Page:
By MARTY LEVINE
The need for emergency medical treatments of all varieties has not stopped during the COVID-19 pandemic, and the flow of patients from near and far to the School of Dental Medicine’s clinic hasn’t quit either, says Marnie Oakley, the school’s senior associate dean for Clinical and Faculty Affairs.
In fact, she says, “during the pandemic, that patient base has grown. The demand is very significant.” That’s because most dentists are unable to see patients today to examine, diagnose and treat developing conditions that can, eventually, turn into emergencies.
To handle the situation, the school has recruited rotating teams of staff and faculty to do telephone triage with patients, to undertake in-person examinations and diagnoses, and to perform surgeries for conditions that don’t respond to medication and can’t wait for safer times. The school has dedicated several rooms in the otherwise-closed school building to conduct the clinic daily.
Since Pennsylvania’s Department of Health put out new rules two months ago for dentistry during the COVID-19 pandemic, the school has had to add N-95 respirators to clinicians’ personal protective equipment and create negative pressure rooms to make sure potential virus particles are filtered from the air.
In the clinic’s first week under pandemic restrictions, beginning March 16, 73 patients were seen via telehealth, which aims to screen for patients who can be treated through pain medications, antibiotics or other measures available in pharmacies, bringing only the most urgent cases on site.
In one recent week, more than 130 such patients contacted the clinic for screenings and possible visits. Over its first six weeks, the clinic had more than 2,000 calls.
“Weeks of having very limited access to dentistry is really weighing on the population,” Oakley says.
The triage phones let potential patients speak with Pitt Dental faculty members, including periodontists and other specialists. Those who must eventually come to the building for an examination or procedure are first screened for temperature and history, to detect COVID-19 cases, then led to an examination room where a four-person team — two faculty dentists, a faculty dental hygienist and a staff dental assistant — conducts the exam.
If patients need an extraction, maxillofacial surgery or a cancer biopsy of a suspicious lesion, they are referred to the surgical team — a faculty oral surgeon, a resident oral surgeon and a surgical dental assistant — on another floor.
Twelve teams rotate on and off duty at the clinic, involving about 40 Pitt Dental faculty and 20 staff members so far. In the clinic’s first week, 75 patients were seen by the surgical team; now 20 to 25 patients per week need such care. “If we’re doing our telehealth right, it shouldn’t be a lot,” Oakley says.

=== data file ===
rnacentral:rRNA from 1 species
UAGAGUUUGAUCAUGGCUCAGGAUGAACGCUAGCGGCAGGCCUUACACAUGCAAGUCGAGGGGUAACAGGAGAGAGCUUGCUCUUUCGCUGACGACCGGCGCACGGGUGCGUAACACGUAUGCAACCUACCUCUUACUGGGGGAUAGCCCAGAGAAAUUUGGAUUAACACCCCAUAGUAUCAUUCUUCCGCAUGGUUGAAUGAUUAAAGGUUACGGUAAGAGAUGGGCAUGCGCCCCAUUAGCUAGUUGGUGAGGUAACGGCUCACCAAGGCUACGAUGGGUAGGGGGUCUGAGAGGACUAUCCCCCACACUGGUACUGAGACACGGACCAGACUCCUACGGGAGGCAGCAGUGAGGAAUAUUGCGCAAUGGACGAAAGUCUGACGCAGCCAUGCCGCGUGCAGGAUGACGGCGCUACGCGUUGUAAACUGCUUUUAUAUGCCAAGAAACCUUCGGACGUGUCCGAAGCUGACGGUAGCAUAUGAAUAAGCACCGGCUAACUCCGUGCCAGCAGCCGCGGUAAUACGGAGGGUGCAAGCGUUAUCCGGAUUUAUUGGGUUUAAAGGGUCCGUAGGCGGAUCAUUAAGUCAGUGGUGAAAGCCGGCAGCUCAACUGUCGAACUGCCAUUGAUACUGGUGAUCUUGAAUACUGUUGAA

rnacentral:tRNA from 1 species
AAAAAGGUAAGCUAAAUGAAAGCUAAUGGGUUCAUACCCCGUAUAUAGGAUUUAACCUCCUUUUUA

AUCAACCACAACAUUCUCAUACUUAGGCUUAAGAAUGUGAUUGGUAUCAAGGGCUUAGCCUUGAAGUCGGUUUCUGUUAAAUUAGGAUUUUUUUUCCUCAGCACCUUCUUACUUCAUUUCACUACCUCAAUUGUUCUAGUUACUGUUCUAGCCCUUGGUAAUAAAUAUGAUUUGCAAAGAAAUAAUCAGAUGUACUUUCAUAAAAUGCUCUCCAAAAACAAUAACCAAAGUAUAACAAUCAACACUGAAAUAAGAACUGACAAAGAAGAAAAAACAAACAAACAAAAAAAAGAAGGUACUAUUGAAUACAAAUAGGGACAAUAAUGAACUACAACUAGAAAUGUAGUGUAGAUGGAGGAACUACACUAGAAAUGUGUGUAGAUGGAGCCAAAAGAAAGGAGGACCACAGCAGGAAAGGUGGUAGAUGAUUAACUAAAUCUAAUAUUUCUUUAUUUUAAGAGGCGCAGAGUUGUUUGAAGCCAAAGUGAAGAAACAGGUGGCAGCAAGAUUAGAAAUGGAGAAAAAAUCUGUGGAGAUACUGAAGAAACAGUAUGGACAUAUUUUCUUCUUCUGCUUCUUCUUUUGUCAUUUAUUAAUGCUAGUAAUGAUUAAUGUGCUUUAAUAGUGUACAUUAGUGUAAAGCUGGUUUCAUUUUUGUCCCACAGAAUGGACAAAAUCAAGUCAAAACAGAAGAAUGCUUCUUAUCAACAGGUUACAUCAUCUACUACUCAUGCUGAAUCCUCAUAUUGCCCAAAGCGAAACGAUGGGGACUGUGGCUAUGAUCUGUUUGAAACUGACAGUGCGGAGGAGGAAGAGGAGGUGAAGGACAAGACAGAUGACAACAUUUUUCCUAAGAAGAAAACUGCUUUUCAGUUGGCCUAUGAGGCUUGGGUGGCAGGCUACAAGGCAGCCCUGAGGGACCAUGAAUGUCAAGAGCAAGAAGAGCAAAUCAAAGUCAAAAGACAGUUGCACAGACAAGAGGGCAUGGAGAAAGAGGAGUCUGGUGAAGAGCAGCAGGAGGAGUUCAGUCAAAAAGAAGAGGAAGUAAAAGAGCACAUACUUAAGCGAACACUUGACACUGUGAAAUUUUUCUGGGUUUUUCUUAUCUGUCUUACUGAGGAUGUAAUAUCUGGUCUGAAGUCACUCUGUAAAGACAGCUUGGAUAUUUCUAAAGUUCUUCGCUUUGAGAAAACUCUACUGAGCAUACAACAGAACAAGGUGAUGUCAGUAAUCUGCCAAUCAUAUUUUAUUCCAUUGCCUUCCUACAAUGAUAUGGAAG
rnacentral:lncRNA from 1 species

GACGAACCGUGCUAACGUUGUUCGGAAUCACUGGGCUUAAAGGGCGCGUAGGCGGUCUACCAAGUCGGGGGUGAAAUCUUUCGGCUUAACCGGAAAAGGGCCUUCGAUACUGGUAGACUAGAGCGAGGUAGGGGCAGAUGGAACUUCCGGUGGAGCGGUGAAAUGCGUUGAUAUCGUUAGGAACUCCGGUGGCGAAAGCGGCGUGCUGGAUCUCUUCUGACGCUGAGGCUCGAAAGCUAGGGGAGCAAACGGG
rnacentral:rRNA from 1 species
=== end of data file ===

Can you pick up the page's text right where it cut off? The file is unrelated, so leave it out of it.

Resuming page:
Patients “are all appreciative,” says Larry Cunningham, the school’s associate dean for Hospital Affairs and chair of the Department of Oral and Maxillofacial Surgery, who is part of a team working in the surgical suite. “Even the ones who are treated on the phone — they understand. Many of them don’t even want to come to the building. Our strategy has been to postpone treatments as long as possible so the risk from the virus goes down, in time.”
All of the school’s oral and maxillofacial surgery faculty have participated in the clinic, he says, alongside many other departments’ faculty. “Everybody’s been happy to come in and work for a week,” he says, adding: “Our concern level is a little bit higher because of the virus. A month ago, we didn’t even know how transmissible it was.”
The procedures he has performed have been almost exclusively dental extractions, which usually require minimal follow-up care, meaning the patient won’t need to come back to the building. His team also has diagnosed one person with cancer.
“This pandemic protocol has been in place to buy us time … until our restrictions are lifted, until we can get to work more completely,” Cunningham says.
Erik D. Ziegler, chief resident in Cunningham’s department, has been part of the clinic’s surgical team as well.
“It’s an obligation to take care of your patients,” he explains about his participation. The experience has been “entirely positive with respect to being able to take care of people who are profoundly in need. Everyone’s been extremely grateful and a pleasure to take care of.
“It’s been a team effort,” he adds, “and everyone — patients, faculty, staff and residents — has been working very well together.”
Marty Levine is a staff writer for the University Times. Reach him at email@example.com or 412-758-4859.
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